Cheney’s Exit: A Family Matter?

Photograph by Matt Young/AP Photo

Liz Cheney during a campaign appearance in Casper, Wyo., on July 17, 2013.

Updated at 9:15, 9:24 and 10:27 am EST

Liz Cheney, the former vice president’s daughter who mounted a party-splitting campaign for Senate in Wyoming, says she is abandoning the race for “family health” reasons.

To the outward world, the family health in jeopardy was that of her siblings as well as the Republican Party.

The public rift created by Cheney’s campaign renouncement of gay marriage — prompting her lesbian sister to protest on Facebook that the candidate was on “the wrong side of history” — brought a public statement by her father, former Vice President Dick Cheney, and wife Lynne that they were “pained” by the division.

Liz Cheney issued a statement this morning announcing her plans to discontinue her campaign to wrest the Republican nomination from Sen. Mike Enzi citing “serious health issues” in her family.

“Serious health issues have recently arisen in our family, and under the circumstances, I have decided to discontinue my campaign,” Cheney said in the statement first reported by Politico, after CNN first reported that Cheney was telling associates of her decision and CNN and the New York Times had similar reports. “My children and their futures were the motivation for our campaign and their health and well-being will always be my overriding priority.”

This is her full statement, posted at the Facebook, where an intra-family feud had erupted over a matter of marital rights:

“Serious health issues have recently arisen in our family, and under the circumstances, I have decided to discontinue my campaign. My children and their futures were the motivation for our campaign and their health and well being will always be my overriding priority.”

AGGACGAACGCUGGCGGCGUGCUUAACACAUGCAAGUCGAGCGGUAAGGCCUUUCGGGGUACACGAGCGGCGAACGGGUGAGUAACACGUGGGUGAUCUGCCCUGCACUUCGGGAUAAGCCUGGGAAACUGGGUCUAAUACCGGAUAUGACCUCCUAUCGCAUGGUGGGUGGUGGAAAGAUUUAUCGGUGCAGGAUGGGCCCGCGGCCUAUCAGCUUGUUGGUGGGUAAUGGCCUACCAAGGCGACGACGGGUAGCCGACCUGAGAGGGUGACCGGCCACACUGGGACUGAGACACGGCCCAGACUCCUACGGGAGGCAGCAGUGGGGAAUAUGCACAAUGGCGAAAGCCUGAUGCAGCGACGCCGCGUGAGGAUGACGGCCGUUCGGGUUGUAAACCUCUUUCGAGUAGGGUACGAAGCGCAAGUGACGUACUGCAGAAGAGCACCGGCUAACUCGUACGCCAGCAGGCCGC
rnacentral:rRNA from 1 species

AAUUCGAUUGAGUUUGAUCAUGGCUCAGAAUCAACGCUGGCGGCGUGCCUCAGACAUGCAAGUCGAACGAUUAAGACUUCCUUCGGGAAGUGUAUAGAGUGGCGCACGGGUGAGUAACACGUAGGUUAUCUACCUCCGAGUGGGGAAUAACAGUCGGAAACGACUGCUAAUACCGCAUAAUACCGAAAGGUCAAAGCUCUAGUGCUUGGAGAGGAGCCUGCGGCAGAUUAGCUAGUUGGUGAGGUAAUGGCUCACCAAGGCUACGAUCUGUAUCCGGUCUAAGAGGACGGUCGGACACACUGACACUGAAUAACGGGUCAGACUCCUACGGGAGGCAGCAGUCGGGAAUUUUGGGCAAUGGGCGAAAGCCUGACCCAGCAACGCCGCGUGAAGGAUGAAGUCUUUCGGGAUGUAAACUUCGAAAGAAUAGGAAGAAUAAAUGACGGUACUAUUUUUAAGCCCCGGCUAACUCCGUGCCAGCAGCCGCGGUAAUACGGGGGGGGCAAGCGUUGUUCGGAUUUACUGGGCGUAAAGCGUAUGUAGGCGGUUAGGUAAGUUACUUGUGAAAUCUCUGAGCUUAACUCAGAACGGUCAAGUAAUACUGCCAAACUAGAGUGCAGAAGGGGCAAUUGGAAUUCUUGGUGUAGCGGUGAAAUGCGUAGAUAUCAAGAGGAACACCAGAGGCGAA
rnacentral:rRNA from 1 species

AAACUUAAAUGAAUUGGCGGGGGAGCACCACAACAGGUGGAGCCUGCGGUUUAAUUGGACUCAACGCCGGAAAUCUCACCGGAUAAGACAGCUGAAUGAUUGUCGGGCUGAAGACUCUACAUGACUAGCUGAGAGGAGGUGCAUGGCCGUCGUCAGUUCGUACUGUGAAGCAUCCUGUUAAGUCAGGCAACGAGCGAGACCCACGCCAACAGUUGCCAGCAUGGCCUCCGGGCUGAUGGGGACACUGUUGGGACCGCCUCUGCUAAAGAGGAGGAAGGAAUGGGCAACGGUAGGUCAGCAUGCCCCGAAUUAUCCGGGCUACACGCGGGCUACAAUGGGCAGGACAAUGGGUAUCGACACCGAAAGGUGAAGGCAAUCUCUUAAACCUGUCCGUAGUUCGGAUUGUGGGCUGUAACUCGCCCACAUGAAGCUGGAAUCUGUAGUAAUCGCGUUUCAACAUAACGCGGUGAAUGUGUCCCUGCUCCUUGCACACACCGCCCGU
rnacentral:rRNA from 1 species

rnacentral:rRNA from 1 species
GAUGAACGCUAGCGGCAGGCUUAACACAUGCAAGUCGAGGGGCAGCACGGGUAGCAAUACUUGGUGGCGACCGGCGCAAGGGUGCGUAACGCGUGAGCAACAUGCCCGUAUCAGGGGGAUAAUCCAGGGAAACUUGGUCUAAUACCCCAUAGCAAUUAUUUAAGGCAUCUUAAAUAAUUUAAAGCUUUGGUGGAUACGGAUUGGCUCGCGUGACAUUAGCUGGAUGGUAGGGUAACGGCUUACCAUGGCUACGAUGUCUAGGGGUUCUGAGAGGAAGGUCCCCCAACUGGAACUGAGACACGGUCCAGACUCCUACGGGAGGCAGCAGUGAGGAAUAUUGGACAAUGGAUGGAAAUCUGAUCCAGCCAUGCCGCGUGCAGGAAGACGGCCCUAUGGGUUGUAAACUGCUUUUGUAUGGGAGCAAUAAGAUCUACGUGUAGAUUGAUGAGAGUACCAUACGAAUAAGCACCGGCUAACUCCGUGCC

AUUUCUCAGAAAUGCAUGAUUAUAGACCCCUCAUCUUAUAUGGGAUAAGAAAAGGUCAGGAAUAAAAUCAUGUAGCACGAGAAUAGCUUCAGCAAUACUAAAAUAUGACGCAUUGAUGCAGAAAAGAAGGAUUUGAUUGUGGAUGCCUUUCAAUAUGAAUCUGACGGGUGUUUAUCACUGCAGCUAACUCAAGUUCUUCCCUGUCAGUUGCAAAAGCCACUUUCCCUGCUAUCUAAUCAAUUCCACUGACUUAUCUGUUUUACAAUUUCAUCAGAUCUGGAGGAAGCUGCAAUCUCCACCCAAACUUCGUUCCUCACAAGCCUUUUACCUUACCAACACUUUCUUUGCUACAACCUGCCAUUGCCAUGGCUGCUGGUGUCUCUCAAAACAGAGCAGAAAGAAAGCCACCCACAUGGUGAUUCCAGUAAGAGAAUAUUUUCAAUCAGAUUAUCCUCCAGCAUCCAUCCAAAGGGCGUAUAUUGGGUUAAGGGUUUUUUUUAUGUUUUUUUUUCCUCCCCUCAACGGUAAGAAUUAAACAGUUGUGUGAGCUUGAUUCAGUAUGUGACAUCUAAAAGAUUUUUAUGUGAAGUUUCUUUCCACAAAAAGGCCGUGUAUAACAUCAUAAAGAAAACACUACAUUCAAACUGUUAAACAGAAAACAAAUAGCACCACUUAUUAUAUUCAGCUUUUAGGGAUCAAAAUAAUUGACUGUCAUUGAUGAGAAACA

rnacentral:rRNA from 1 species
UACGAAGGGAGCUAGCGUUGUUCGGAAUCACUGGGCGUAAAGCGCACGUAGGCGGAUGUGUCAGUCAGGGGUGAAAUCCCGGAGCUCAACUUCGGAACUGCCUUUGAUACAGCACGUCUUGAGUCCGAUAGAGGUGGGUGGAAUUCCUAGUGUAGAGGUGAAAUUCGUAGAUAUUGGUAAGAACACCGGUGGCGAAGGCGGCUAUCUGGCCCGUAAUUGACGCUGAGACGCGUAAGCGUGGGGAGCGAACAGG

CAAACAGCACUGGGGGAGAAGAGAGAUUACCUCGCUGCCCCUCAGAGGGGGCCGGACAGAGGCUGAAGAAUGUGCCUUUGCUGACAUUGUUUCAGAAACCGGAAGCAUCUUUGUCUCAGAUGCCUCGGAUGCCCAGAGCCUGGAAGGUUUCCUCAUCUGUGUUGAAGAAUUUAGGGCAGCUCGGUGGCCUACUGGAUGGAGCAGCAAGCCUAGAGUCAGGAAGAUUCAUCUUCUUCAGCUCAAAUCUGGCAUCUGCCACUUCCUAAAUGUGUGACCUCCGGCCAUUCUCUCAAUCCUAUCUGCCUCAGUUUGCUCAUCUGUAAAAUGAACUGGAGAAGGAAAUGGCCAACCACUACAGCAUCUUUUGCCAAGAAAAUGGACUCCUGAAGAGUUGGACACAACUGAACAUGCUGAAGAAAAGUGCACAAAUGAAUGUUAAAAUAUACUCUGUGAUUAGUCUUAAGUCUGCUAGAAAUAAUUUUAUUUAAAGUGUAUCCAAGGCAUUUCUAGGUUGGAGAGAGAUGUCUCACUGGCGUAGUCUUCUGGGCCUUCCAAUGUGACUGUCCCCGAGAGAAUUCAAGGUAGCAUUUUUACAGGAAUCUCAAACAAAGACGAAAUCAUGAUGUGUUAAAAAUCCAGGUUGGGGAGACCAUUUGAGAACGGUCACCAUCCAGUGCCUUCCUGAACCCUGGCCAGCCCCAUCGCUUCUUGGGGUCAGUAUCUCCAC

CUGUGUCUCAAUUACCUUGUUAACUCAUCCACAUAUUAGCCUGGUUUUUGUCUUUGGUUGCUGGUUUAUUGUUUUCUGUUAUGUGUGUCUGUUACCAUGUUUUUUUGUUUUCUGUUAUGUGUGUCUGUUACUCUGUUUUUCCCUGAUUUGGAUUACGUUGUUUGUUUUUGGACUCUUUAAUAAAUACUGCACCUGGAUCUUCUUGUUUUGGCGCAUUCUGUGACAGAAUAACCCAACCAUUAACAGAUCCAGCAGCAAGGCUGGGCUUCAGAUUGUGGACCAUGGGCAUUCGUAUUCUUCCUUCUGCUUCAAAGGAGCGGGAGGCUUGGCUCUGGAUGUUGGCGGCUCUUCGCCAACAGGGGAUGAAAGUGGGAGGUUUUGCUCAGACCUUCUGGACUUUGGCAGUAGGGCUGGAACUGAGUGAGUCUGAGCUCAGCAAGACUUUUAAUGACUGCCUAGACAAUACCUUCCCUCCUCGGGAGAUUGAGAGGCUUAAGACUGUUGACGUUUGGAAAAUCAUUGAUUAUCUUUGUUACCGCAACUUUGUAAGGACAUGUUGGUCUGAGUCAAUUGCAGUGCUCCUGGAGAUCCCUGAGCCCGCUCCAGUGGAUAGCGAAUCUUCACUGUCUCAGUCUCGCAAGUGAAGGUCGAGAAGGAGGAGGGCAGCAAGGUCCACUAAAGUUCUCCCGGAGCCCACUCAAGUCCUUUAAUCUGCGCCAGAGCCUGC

Husband “Phil and I want to thank the thousands of people in Wyoming and all across the country who have supported my campaign. As a mother and a patriot, I know that the work of defending freedom and protecting liberty must continue for each generation. Though this campaign stops today, my commitment to keep fighting with you and your families for the fundamental values that have made this nation and Wyoming great will never stop.”

Cheney’s sister Mary had called the candidate on “the wrong side of history” after Liz Cheney said on Fox News Sunday in November: “I love Mary very much, I love her family very much… This is just an issue on which we disagree.”

“I believe in the traditional definition of marriage,” Cheney said then.

Heather Poe, Mary Cheney’s wife, replied publicly on Facebook:

“I was watching my sister-in-law on Fox News Sunday (yes Liz, in fifteen states and the District of Columbia you are my sister-in-law) and was very disappointed to hear her say, ‘I do believe in the traditional definition of marriage.’ Liz has been a guest in our home, has spent time and shared holidays with our children, and when Mary and I got married in 2012 – she didn’t hesitate to tell us how happy she was for us.”

“To have her now say she doesn’t support our right to marry is offensive to say the least. I can’t help but wonder how Liz would feel if as she moved from state to state, she discovered that her family was protected in one but not the other.”

Mary Cheney, in sharing her wife’s Facebook status, said this of her sister: “Liz – this isn’t just an issue on which we disagree – you’re just wrong – and on the wrong side of history.”

To which the parents said:

“This is an issue we have dealt with privately for many years, and we are pained to see it become public,” Dick and Lynne Cheney said in a statement issued. “Since it has, one thing should be clear. Liz has always believed in the traditional definition of marriage.”

Liz Cheney also drew criticism for billing herself as a “fourth-generation Wyomingite,” though her own relationship with the state was limited to elementary and junior high school when her father returned there to run for Congress in 1978. He was elected vice president in 2000, and she had settled in Virginia. She returned to Wyoming in 2012 to stake her claim to a state where her parents maintain a mountain home, catching the party — and Enzi — by surprise in challenging an incumbent Republican senator.

There hadn’t been a lot of polling on the August primary contest, but what there was showed a yawning gap of support, with Enzi holding a daunting advantage in his bid for re-election.

And then there was a question about the money it takes:

And Cheney was facing a backlash within her own party.

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